The TSP 100 uses a short fixed pipeline which consists of a fetch stage 187, an early decode, transform and access VIM stage (DTAV) 189, a decode stage 191, an execute stage 193, and a condition return stage (CondRet) 195. The execute stage 193 may be made up of an execute-1 stage (Ex1) and an execute-2 stage (Ex2) if necessary depending upon the instruction type in execution. Fetch stage 187 retrieves SIWs from program memory 111. When an indirect VLIW SIW is to be executed, the pipeline uses the DTAV pipeline stage, after the fetch stage, for accessing a VLIW from local VLIW memory, as is described further below. The DTAV pipeline stage 189 is also used to transform SIWs prior to loading them into the VIM.

FIG. 2 illustrates several examples of 16-bit short instruction word (SIW) formats 200 suitably for use in a 16-bit TSP, such as TSP 100. A program made up of B=16-bit SIWs is stored in program memory 111. The 16-bit TSP SIW formats 200 are referred to as type-j instructions. The type-j 16-bit instructions and opcodes of FIG. 2 are similar to the dynamic compact 15-bit instructions described in U.S. Pat. No. 6,101,592. The S/P bit 210 is an additional bit across all type-j instructions as compared to the 15-bit dynamic compact instructions. The S/P bit 210 specifies instructions to be either SP or PE instructions allowing the 16-bit instructions of FIG. 2 to be generally used on both the SP/PE0 and the other PEs. In addition, the TSP 100 uses a 5-slot VLIW architecture where each VLIW slot is for a transformed 16-bit instruction, as described further below.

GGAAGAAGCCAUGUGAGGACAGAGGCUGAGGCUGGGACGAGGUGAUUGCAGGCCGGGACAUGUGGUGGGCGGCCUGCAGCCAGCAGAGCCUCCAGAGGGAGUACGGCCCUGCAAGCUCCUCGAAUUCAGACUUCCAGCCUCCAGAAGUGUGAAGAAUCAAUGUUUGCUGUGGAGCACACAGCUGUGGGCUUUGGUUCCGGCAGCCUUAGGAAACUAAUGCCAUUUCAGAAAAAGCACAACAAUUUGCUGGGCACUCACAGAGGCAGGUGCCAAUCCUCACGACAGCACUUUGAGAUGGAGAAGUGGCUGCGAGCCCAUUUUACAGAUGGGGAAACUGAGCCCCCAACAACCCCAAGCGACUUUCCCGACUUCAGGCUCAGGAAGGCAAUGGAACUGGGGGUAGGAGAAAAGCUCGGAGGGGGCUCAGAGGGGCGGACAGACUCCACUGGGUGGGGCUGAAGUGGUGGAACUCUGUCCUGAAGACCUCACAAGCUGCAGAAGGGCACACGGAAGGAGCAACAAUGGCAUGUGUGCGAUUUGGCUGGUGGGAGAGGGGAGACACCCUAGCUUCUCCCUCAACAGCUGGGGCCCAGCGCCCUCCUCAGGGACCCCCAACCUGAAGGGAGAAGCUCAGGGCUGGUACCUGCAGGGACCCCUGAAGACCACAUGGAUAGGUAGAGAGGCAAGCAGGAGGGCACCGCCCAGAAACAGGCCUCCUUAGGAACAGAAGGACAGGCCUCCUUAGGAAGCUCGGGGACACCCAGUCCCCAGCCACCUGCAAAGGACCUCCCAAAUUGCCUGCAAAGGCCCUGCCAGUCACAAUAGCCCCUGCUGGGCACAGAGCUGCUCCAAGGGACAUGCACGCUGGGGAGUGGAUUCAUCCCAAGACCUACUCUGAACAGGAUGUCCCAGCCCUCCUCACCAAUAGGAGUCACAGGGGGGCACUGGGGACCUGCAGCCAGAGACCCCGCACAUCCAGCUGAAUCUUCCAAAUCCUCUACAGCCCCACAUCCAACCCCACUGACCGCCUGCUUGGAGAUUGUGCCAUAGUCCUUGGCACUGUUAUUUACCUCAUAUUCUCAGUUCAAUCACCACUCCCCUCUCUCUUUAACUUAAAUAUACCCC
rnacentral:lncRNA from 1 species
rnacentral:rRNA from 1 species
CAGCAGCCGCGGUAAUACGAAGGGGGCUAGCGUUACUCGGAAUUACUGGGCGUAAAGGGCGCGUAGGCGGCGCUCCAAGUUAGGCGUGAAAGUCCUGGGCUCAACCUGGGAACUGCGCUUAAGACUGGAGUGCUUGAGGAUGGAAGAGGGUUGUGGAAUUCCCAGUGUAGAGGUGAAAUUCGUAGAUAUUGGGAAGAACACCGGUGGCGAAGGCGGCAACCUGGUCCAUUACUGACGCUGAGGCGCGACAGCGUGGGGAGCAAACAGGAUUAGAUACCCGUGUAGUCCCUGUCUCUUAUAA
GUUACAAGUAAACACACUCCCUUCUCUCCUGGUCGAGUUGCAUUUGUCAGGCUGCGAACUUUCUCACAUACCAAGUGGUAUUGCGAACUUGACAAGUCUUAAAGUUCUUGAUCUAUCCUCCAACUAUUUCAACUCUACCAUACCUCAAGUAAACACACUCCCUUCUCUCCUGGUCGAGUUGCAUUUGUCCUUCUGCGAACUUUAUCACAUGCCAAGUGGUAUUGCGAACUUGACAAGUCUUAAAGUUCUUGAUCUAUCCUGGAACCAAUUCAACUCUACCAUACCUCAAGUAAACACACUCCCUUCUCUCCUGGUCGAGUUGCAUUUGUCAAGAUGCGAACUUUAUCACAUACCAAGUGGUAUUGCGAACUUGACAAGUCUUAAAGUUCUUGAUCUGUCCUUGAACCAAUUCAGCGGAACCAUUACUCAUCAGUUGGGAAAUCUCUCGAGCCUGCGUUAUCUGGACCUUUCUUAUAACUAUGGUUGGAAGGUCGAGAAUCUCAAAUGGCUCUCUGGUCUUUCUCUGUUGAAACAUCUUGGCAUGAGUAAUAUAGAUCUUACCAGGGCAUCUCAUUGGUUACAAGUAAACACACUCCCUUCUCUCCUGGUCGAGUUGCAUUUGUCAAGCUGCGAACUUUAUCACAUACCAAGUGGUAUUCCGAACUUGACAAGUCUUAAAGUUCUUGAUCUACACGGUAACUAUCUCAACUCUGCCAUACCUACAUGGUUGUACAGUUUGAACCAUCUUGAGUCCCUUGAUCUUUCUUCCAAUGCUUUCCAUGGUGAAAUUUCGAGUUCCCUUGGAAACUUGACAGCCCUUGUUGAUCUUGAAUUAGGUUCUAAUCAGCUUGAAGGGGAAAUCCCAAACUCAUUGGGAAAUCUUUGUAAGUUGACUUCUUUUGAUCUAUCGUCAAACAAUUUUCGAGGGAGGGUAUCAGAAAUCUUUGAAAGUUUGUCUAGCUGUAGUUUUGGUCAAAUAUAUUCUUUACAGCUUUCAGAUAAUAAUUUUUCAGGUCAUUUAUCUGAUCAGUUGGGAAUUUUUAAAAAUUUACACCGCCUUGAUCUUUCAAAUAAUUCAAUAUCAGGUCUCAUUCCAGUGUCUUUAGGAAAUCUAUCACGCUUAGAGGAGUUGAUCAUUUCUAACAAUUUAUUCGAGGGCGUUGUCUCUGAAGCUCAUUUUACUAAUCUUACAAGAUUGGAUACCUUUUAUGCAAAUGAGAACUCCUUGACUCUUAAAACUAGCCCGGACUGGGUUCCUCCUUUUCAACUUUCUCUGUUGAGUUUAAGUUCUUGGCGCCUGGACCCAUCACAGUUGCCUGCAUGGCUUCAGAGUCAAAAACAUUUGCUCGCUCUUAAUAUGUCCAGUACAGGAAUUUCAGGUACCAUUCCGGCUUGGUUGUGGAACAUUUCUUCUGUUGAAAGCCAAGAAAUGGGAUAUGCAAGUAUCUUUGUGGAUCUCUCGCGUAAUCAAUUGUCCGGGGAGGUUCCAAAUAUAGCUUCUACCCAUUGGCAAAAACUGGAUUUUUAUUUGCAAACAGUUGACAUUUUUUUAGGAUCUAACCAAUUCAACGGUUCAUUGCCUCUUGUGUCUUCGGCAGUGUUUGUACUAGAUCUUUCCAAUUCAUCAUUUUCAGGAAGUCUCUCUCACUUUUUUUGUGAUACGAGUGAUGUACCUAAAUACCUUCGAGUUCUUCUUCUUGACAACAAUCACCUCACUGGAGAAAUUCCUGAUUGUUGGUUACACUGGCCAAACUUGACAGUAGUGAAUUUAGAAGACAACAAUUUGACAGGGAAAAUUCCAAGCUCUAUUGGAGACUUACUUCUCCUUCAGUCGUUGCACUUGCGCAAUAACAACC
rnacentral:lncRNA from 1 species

It is noted that one aspect related to the storing of transformed instructions that are partially decoded or fully decoded instructions in a VLIW is that the stored VLIW instruction now is a transformed form of the original instruction that was stored in the program memory. The transformation is from an encoded assembly level format to a partial or full binary machine level format. The transformation mechanism is invoked by the load transformed VLIW (LTV) instruction which causes an instruction retrieved from program memory to be transformed into a new language format and then stored in a TVLIW in the TVIM. An XV then accesses the transformed instructions in the TVLIW for execution. Other transformation options are discussed below.

Another aspect related to the storing of transformed instructions in a VLIW is that the width of the instructions stored in the VLIW is not tied to the width of the instructions stored in the program memory. Rather, in the case of storing partially decoded or decoded instructions, the width and decoded instruction format can be tied to the implementation as a mechanisms for improving critical path timing and therefore improving path time balancing in the pipeline. An important concept here is that the format of a transformed instruction is optimized to the implementation requirements that may include other needs beyond timing path improvement. Such improvements can include increased functionality and improvements to instruction level parallelism.